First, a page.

Chuili Sun

Education:

Ph.D.,Texas A&M University, Texas(2006)
M.S.,Tsinghua University, Beijing, China(2002)
B.S.,Tsinghua University, Beijing, China(1999)
Chuili Sun

Research Interests

Analysis and Reduction of Nonlinear Systems via Covariance Matrices
The objective of process control is to maintain a desired level of product quality and safety while making the process more economical. Because these goals apply to a variety of industries, process control systems are used in facilities for the production of chemicals, pulp and paper, metals, food, pharmaceuticals, and microelectronics. While the methods of production vary from industry to industry, the principles of process control are generic in nature and can be universally applied, regardless of the size of the plant.
Process controllers that are based explicitly on dynamic mathematical models (i.e., sets of differential equations) have become increasingly popular in the chemical process industry. This is due to several reasons, the most important being that highly accurate models can now be solved with modern dynamic simulators and powerful optimization algorithms. However, computational requirements grow with the complexity of the models. Many rigorous dynamic models require too much computation time to be useful for real-time model based controllers. Real-time control is important, however, because the action of the controller must be computed in a time span that is faster than the dominant process time constant. Because control calculations for techniques such as linear model predictive control scale according to n3 (n = number of state variables), model reduction is a promising avenue for real-time implementation.
We have developed a novel strategy to nonlinear model reduction that includes system analysis, nonlinearity quantification, and model reduction. The advantages of this new approach are that the procedure is applicable to any kind of nonlinear system



(1)


and that several system properties can be determined within the same framework resulting in an efficient strategy for the analysis of nonlinear systems. In the first step, covariance matrices, which are an extension of linear gramians to any type of system, are computed. These covariance matrices are then balanced by a novel algorithm that can be applied to nonlinear systems, with no assumption about rank deficiency of the computed covariance matrices being required. Two new types of nonlinearity measures were introduced that are based upon the balanced covariance matrices. If the measures indicate that the model exhibits only a mild degree of nonlinearity then it is appropriate to work with the linearization of the model, which greatly simplifies on-line application of the model. However, if the model is found to be strongly nonlinear over the required operating region, the information contained in the covariance matrices can be further used for reduction of the nonlinear model. Two new model reduction procedures for nonlinear systems were introduced in our research and are given by equations (2) and (3), where the T and P1 refer to the transformation and projection matrices, respectively.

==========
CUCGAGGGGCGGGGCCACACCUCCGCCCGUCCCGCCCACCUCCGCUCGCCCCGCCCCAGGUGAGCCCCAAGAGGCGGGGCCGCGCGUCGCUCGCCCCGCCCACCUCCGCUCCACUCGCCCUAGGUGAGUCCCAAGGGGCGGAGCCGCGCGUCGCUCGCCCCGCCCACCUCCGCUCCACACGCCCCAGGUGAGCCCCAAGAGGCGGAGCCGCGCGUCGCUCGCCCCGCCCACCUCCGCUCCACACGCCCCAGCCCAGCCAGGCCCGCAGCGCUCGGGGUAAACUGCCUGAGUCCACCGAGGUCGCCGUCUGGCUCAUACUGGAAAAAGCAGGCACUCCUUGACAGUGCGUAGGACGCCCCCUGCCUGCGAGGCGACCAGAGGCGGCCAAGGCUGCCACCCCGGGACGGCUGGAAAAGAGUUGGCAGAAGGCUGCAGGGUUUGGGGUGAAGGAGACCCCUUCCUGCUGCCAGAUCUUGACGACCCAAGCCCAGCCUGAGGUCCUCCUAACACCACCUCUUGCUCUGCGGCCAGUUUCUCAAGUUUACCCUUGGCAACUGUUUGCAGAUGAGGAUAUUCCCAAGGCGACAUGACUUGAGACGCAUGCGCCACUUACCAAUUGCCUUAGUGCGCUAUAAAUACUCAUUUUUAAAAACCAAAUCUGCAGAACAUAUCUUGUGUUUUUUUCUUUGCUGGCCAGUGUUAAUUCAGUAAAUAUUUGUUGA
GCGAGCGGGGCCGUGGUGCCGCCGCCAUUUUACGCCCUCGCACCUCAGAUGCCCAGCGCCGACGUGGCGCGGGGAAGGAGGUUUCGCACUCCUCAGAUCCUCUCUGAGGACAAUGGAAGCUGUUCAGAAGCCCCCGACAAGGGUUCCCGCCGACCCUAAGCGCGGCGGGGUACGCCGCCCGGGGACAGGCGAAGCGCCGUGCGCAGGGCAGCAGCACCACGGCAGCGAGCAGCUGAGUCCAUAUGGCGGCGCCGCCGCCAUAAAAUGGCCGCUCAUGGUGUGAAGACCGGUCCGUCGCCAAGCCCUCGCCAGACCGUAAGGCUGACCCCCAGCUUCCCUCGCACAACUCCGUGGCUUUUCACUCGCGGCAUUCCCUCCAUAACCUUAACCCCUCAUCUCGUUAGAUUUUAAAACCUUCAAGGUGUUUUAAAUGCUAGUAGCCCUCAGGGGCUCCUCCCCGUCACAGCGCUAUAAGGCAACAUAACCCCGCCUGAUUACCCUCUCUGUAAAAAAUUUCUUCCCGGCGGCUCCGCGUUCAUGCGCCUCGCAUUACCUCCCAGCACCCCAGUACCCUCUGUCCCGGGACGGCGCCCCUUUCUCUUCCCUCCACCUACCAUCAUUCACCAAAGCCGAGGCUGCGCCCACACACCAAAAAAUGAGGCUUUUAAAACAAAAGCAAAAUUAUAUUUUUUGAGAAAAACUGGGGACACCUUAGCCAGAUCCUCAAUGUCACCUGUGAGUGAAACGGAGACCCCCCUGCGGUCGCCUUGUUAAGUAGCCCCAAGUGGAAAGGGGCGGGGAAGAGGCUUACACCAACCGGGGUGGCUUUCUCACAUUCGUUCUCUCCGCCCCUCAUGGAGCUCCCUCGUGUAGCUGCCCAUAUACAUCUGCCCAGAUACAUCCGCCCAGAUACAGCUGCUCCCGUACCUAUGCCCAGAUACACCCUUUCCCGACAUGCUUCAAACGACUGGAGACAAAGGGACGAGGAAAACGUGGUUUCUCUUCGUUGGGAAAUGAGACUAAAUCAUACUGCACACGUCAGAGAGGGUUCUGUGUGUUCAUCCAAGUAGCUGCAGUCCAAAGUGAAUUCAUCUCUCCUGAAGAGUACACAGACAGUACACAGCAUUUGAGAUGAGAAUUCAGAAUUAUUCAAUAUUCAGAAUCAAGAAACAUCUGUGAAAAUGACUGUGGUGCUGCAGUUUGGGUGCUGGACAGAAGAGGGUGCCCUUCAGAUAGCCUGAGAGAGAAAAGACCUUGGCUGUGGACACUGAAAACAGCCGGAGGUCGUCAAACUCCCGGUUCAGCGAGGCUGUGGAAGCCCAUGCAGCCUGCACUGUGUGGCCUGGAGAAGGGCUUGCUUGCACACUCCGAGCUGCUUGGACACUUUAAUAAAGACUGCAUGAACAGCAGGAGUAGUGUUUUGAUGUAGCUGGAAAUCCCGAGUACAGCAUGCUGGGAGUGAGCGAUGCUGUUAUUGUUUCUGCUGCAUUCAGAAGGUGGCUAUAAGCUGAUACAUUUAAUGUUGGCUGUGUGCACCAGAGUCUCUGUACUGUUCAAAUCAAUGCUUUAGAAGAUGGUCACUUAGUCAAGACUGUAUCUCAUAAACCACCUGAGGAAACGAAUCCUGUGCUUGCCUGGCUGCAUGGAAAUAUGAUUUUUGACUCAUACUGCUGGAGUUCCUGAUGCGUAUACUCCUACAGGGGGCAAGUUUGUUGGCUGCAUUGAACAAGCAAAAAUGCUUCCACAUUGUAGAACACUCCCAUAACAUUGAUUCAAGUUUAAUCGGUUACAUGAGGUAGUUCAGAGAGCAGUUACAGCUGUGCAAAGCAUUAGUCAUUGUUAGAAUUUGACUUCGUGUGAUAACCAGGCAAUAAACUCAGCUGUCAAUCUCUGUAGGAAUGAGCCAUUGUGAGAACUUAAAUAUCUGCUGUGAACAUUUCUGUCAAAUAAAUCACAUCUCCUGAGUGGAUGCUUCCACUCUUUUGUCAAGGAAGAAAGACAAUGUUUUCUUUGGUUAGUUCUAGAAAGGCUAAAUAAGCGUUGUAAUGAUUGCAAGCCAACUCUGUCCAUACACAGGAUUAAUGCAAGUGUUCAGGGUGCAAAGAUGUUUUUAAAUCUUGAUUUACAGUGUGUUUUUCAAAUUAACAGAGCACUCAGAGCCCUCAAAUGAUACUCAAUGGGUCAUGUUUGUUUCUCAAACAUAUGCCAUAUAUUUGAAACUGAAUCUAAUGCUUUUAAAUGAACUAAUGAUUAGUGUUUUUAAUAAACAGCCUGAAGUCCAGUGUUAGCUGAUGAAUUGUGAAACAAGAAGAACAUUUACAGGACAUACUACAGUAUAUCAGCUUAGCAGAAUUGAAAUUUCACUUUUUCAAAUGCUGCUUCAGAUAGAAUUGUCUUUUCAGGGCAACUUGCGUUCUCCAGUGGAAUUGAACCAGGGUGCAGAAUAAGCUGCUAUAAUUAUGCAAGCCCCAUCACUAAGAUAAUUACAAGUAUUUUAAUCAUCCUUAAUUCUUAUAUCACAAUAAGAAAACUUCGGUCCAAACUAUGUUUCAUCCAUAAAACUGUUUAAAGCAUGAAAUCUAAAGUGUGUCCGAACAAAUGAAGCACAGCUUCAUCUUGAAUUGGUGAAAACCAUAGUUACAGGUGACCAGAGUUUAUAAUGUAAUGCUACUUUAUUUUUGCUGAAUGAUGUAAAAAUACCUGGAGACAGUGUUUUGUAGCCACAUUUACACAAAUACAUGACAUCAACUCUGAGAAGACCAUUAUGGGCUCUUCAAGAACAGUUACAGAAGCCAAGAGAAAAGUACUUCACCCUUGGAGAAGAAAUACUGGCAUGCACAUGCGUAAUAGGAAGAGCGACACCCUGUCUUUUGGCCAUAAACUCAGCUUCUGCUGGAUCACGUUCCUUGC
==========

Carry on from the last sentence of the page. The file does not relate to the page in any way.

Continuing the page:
(2)




(3)


The main task of the model reduction procedure is to determine the invertible state transformation T such that the states are ordered according to their importance for the input-output behavior of the system. The approaches are based upon a strong theoretical foundation, in that they reduce to well known facts from linear systems theory when applied to linear systems, while they allow for the flexibility required for nonlinear systems.
These covariance matrix based methods have been applied in simulation to a series of reactors, a distillation column, and a polymerization reactor. The procedures reduced the number of differential equations in the model as well as the computation time required for the solution of these models. We have also demonstrated that several model reduction procedures, which have been developed over the last 20 years and were assumed to be independent from one another, form special cases of the procedure developed in my dissertation.
While these procedures were developed with the control of nonlinear systems in mind, they are applicable to any nonlinear system of the form of equation (1) regardless of its use and can elucidate several of the properties exhibited by nonlinear systems.
Current research focuses on extending this framework to systems described by partial differential equations (PDEs) as well as differential algebraic equations (DAEs).